South Florida Art Museums

Three current shows offer reflections on the mysteries of life, prompting questions often reserved for more formal houses of worship: Who made the world? Why do humans suffer? How best to celebrate birth or mourn death?

Small packages

Painter Sandra Gamarra observes the reverence with which visitors view art in a series of small paintings at the Bass Museum of Art. For At the Same Time ( Al Mismo Tiempo), Gamarra recreated photographs of visitors wandering through the Bass’s Taplin Gallery. She uses broad strokes; the details of the paintings and sculptures she depicts are indistinct, as are the expressions of the viewers.

Instead, a tilt of the head or a raised arm indicate the viewers’ rapt attention. In one triptych, a man crouches and two women kneel before an abstract, outdoor sculpture, moving in close for a better look. In another, a young woman lies prone before a group of Madonnas with children. She is either overcome by emotion or exhausted from taking in so much information.

Most of Gamarra’s paintings reveal only a swatch of color or the edge of a gilt frame from the artworks she recreates. Often she highlights instead the caption posted beside the painting, though she blurs out the words. It’s the experience — not the information — that matters. The Bass’s captions for Gamarra’s work explain that, for the artist, viewing art is an “act of faith.”

Sacred objects

At the Lowe Art Museum, many of the artworks now on display are literally sacred objects. Sacred Stories, Timeless Tales: Mythic Traditions from World Art juxtaposes wildly diverse pieces from the Lowe’s permanent collection.

Each is meant as a symbol of a mythic story central to cultures, from villages in the Congo to pueblos in New Mexico to palaces of Imperial China. Both good and evil are represented here, in the guise of turtles, antelopes, and twins (good) and dragons, demons, and ghosts (you know, evil).

Missing are the stories of the major world religions. The mythic traditions of Christianity, Judaism, and Islam are likely left out for the same reasons that, according to one caption, Native Americans object to having their sacred stories characterized as “myths”: for the faithful, these stories are reality.

In fact, the captions on the wall proliferate like scripture. Every object requires extensive explanation: recounting the myth of the culture in question; locating the culture in space and time; describing the function of the object in sacred rites; relating the biography of the artist or the technique of manufacture, where that information is known.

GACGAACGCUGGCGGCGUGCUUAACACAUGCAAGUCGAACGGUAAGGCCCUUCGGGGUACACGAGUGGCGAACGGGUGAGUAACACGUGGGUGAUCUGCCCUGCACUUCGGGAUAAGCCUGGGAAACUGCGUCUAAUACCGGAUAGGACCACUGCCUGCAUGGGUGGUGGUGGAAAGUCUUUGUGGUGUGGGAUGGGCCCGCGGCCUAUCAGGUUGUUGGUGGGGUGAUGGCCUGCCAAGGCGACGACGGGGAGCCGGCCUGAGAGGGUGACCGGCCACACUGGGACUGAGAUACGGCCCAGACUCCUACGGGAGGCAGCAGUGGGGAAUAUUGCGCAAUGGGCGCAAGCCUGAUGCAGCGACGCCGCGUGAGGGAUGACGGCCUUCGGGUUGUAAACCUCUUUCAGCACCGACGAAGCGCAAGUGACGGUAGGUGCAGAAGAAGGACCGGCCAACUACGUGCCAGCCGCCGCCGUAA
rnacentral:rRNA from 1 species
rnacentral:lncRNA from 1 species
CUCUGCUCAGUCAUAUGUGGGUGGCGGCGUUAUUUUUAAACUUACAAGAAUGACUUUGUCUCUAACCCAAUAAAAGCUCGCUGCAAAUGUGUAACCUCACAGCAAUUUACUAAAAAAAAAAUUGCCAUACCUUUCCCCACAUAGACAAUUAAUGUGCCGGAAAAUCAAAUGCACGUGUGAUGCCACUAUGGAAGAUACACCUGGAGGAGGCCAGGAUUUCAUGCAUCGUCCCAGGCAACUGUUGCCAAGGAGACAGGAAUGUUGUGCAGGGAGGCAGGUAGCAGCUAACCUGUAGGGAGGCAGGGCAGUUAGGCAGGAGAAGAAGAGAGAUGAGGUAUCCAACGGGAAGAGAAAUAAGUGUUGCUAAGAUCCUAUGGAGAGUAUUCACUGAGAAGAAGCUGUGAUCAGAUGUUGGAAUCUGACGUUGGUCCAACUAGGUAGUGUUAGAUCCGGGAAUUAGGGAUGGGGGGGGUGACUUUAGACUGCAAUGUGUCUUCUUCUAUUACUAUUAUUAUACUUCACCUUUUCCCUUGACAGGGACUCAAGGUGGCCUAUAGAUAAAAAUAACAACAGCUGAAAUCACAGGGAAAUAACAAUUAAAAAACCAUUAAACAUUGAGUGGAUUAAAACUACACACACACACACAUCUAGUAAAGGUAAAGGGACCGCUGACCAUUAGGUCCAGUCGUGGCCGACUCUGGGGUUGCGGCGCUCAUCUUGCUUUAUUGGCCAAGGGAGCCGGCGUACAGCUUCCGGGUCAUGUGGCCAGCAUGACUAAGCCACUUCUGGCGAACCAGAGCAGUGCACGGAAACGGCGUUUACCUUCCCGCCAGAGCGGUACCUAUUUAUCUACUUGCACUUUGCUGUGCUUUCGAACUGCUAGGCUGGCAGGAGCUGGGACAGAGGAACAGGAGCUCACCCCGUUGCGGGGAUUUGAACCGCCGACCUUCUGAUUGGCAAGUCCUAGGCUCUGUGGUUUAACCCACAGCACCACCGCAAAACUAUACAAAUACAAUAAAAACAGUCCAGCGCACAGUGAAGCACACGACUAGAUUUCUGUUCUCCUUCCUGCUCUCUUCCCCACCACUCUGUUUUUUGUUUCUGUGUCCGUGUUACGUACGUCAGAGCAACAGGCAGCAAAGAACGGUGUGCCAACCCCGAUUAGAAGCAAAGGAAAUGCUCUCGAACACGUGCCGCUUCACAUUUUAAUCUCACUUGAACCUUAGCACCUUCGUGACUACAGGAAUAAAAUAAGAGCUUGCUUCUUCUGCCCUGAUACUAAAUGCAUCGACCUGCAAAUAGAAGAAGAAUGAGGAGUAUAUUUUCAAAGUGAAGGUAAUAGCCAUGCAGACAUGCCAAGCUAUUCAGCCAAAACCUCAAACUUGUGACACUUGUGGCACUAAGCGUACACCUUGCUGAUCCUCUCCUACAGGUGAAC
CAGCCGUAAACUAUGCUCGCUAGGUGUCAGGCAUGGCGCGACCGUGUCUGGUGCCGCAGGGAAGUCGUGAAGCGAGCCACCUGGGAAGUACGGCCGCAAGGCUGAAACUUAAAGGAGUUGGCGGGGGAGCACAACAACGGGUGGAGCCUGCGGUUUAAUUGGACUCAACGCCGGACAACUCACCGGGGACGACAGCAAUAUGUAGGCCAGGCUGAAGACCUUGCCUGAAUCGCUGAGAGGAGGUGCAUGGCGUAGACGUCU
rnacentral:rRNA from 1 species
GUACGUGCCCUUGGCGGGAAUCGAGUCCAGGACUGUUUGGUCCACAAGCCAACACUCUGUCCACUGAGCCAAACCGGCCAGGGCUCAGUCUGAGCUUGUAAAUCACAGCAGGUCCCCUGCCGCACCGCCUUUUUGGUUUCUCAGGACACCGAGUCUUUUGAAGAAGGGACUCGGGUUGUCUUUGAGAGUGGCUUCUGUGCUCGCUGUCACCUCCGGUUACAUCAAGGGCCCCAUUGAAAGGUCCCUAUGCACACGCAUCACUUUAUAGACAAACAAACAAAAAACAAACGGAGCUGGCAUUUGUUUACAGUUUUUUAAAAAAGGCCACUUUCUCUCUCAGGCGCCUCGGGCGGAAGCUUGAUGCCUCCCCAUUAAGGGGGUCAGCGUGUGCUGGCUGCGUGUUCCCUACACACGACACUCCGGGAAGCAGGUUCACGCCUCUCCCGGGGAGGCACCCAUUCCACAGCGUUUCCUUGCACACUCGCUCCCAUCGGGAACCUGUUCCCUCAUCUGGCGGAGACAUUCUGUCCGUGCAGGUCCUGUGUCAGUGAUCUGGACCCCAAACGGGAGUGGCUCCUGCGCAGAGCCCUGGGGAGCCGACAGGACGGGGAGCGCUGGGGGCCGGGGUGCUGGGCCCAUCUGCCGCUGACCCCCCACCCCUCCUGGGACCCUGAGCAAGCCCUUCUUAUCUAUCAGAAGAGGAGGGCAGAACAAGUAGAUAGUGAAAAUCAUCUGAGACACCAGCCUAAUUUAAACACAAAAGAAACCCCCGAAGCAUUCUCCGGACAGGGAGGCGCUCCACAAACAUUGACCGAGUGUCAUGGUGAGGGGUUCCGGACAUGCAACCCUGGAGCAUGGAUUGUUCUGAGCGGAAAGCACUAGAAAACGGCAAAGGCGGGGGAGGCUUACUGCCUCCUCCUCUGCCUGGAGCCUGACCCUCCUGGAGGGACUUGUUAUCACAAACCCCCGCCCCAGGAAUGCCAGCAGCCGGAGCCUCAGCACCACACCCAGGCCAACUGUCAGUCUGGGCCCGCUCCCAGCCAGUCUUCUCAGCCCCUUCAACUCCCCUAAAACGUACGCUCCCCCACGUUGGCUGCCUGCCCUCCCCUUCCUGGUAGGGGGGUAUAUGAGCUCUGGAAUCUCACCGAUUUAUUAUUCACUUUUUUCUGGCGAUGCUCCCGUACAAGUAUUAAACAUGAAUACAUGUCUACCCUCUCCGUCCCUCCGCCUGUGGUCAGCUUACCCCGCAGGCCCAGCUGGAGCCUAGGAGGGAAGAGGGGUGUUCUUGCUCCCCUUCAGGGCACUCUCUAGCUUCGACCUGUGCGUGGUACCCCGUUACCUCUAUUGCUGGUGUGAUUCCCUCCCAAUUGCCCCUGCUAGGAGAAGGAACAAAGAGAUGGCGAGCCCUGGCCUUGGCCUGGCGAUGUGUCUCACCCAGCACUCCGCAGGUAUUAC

How else could we know that the 6-inch piece of jade was a baby transforming into a jaguar for the Olmecs of ancient Mexico? Or that the 12-inch piece of sandstone is, for Hindus in the 10th Century, the elephant God Ganesh, breaking off his tusk to throw at the moon?

So many stories. So many gods.

Iconic images

Far less explanation is required for The Art of Caring: A Look at Life Through Photography at the Museum of Art in Fort Lauderdale.

Universality is the premise of this show, organized by the New Orleans Museum of Art and curated by Cynthia Goodman. Whatever tales we might tell ourselves, we are all born, love, suffer and die. Iconic images on seven universal themes have been culled from the work of contemporary stars, including Annie Leibovitz, Mary Ellen Mark and Sebastião Salgado; legends such as Diane Arbus, Alfred Eisenstadt, and W. Eugene Smith, and classics in the Time Life photojournalism archives.

The show predominantly depicts life in the United States, especially under the themes of “Children and Family,” “Wellness,” and “Aging.” There is a Guatemalan orphanage here, a Mongolian falconer and his granddaughter there, but by and large the birthdays, weddings cakes, cradles, and caskets are familiarly American.

Geography spreads further in Disaster, though at times the portraits of suffering captured by DiegoFernandez Gabaldan in Darfur and by James Balog in Banda Aceh run together.

The most memorable photographs are those where the photographer or the subject reveal a personal connection or an idiosyncratic detail. Photographer Mary Lou Uttermohlen affixes handwritten captions to a series of photos of an elderly woman whose arthritic fingers are bent at 90-degree angles: The woman explains that she couldn’t live without her “touch lamp”; doesn’t blame her family for not visiting on Christmas; and would rather die of cancer than suffer the pain of arthritis; but can still find a reason to laugh at least once a day.

In Memories (Me), dissident Shen Qi presents an enormous close-up of his own left hand against a red background, holding a grainy photo of himself as a schoolboy in China. The hand is missing a finger that Qi chopped off to leave behind when he fled his homeland.

Families and couples wandered slowly through the exhibit in Fort Lauderdale, calling to each other to point out one detail or another. At the Lowe, I read the explanatory scripture in silence, alone but for the two guards who stood always at a respectful distance. At the Bass Museum, visitors rushed past Gamarra’s paintings, arranged near the entrance, to the larger galleries that display the works she copied.

Like the divine, the artworks in each museum waited impassively, until a visitor would pause and in that moment revive the communion between viewer and artist.


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